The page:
Saturday, October 28, 2006

Pumpkins Three

Sometimes it's difficult to recognize just how fast they grow, and to see how the little ones go even faster. Megan cut her own pumpkin when she was six. Madison did it last year at five. Now Mackenzie this year at four. But we sure do have a good time doing it!

They pick the pumpkins and draw their faces. I copy them to the pumpkins and make a lid. Then they do the rest with tools like dull jigsaw blades (ok, I did the mouths for Megan and Mackenzie, but it was just because Kenzie got tired and Megan was worried about the tongue). At the end, I clean them up so the edges are good and the light works well.

You can buy pretty cool designs now, but nothing beats seeing their personalities shine through ;-)

Can you guess?

2006 (above, clockwise from left): Madison's pirate, Mackenzie's scary face and Megan's hillbilly.

2005 (clockwise from left): Madison, Mackenzie, Megan.

2004 (clockwise from left): Madison's self-drawn, Megan's self-cut and Mackenzie's dad-did-it special.

Thursday, October 19, 2006


I'm not going to admit to watching the show because some of my readers are also our students, but it does intrigue me ;-)

I am struck by the way they have chosen lives that completely disregard the plan of God and that they so clearly suffer the consequences of life outside His provision. Repeatedly. They speak frequently about the pain they bring, yet they remain dedicated to these same afflicted behaviors. It is a beautifully disturbing view of original sin and the fallen state of man. They continue in the same pattern of sin and disregard for God because they are unable to do otherwise. The unregenerate, un-redeemed human is unable to climb out of the pattern. They see the pain. They recognize the consequences. They fail to change. They are trapped. Non posse non peccare. Not able not to sin.

But the writer adds an incredible irony--these same fallen and pitiful creatures devote their lives to the removal of physical pain and affliction. They are doctors, but more importantly they are surgeons and save human life on a daily basis. In a physical sense, they bring salvation, redemption to human bodies. Yet they themselves remain condemned, unregenerate, unable to lift themselves from spiritual bondage as they deliver others from physical bondage. There is one exception, and I wonder at the coincidence that her faith was established in early episodes. She is as frail and subject to failure as the others. But unlike them, she learns. Posse non peccare. Able not to sin.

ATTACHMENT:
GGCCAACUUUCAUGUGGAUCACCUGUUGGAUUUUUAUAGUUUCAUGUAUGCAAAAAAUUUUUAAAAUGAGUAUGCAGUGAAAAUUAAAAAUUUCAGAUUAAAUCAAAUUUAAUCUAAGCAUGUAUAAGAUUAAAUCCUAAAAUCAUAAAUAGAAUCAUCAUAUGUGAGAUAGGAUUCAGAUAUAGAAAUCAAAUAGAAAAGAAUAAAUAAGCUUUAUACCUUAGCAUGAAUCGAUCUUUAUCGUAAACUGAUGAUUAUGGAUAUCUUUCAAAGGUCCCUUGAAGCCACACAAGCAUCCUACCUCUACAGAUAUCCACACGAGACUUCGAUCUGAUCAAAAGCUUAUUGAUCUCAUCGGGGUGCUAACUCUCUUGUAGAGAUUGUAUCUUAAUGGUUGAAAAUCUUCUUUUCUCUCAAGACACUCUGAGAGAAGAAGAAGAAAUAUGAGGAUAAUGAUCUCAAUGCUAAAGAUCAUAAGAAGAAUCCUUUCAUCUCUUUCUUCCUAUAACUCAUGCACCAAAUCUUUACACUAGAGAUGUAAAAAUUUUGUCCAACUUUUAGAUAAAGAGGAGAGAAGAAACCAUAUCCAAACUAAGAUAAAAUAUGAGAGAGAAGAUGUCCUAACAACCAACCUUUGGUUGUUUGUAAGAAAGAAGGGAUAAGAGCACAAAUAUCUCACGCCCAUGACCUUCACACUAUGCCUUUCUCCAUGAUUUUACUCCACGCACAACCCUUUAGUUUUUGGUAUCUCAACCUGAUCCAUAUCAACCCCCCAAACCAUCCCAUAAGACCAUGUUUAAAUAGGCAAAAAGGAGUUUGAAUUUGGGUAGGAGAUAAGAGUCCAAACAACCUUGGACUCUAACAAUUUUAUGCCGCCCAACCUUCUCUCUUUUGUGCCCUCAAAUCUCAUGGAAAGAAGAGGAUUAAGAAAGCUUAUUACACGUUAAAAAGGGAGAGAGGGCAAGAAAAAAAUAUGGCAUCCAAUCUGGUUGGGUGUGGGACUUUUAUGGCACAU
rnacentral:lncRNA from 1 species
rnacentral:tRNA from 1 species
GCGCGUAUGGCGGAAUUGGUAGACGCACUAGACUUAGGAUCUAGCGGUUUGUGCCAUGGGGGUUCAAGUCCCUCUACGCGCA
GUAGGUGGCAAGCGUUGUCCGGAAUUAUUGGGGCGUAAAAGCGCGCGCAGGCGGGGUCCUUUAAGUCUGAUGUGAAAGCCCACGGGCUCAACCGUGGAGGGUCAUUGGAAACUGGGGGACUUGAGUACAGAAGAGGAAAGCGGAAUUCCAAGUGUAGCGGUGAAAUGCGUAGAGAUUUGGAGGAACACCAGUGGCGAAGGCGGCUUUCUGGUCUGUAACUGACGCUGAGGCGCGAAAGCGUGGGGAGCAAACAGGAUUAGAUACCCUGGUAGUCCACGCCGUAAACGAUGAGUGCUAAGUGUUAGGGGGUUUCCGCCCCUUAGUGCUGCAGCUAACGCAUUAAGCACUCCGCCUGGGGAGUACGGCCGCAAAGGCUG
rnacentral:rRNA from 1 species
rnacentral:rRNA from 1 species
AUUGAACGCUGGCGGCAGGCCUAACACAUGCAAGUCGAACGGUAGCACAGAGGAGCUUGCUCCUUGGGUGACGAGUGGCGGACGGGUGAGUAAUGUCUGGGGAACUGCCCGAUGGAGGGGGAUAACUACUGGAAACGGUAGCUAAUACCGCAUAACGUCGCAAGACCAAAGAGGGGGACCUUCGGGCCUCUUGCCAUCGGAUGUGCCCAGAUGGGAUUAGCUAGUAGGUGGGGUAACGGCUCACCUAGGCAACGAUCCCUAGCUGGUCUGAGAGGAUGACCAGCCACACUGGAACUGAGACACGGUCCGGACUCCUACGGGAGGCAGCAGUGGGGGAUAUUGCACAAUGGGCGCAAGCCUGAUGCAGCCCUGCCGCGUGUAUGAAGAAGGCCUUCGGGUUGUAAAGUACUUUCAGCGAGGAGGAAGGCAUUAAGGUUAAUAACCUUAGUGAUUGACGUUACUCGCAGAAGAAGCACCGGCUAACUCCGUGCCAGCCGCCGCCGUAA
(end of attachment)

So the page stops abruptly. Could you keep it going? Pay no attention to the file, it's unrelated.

Monday, October 02, 2006

An Amish Nocturne

Peter Berger calls it a signal of transcendence--an experience in this physical reality that hints that surely something more is out there. He names five: order, hope, play, humor and one other that seems to strike a chord today--damnation.

There are certain actions among humans that seem to demand more than mere justice can provide. Crimes that beg for a punishment greater than we can deliver. Crimes that make us long for a greater justice.

I know, that makes for a lousy theology of Hell and it implies that I am somehow less of a disappointment to God than a man who murders little Amish girls, but days like this at least clarify what Berger meant. That he chose girls is unfathomable. That he bound them and executed them with a 12 gauge is difficult even to type. That he is the third school shooting in a week weakens my resolve. That he took his own life and bypassed a trial is hollow and unsettling.

When we were children, we drilled for an atomic war. We would all joke of the lunacy of sitting beneath a desk to be safe right after we had seen video footage of exactly what a blast would do to us. But there was never a war. We feared it, but it never came.

For our children, life is so very different. They drill for lockdowns. Teachers know how to evacuate a room in secrecy. Administrator speak in code to avoid panic. They know what to do when the first gunshot is heard. And they use it. They used it in Colorado last week. They used in Wisconsin. I'm not so sure about Pennsylvania. This community of pacifists didn't have a lockdown drill in place....

It is quite sobering to consider what our students must feel when they walk into a building that seemed so safe when we were young. It affects the way I teach, or at least, it will.

God told Habbakkuk that it is in mercy that He withholds judgment, for if He so moves, He will judge all, not only those whom we would choose. But there are days when Habakkuk's request is hard not to utter. "How long, O Lord...."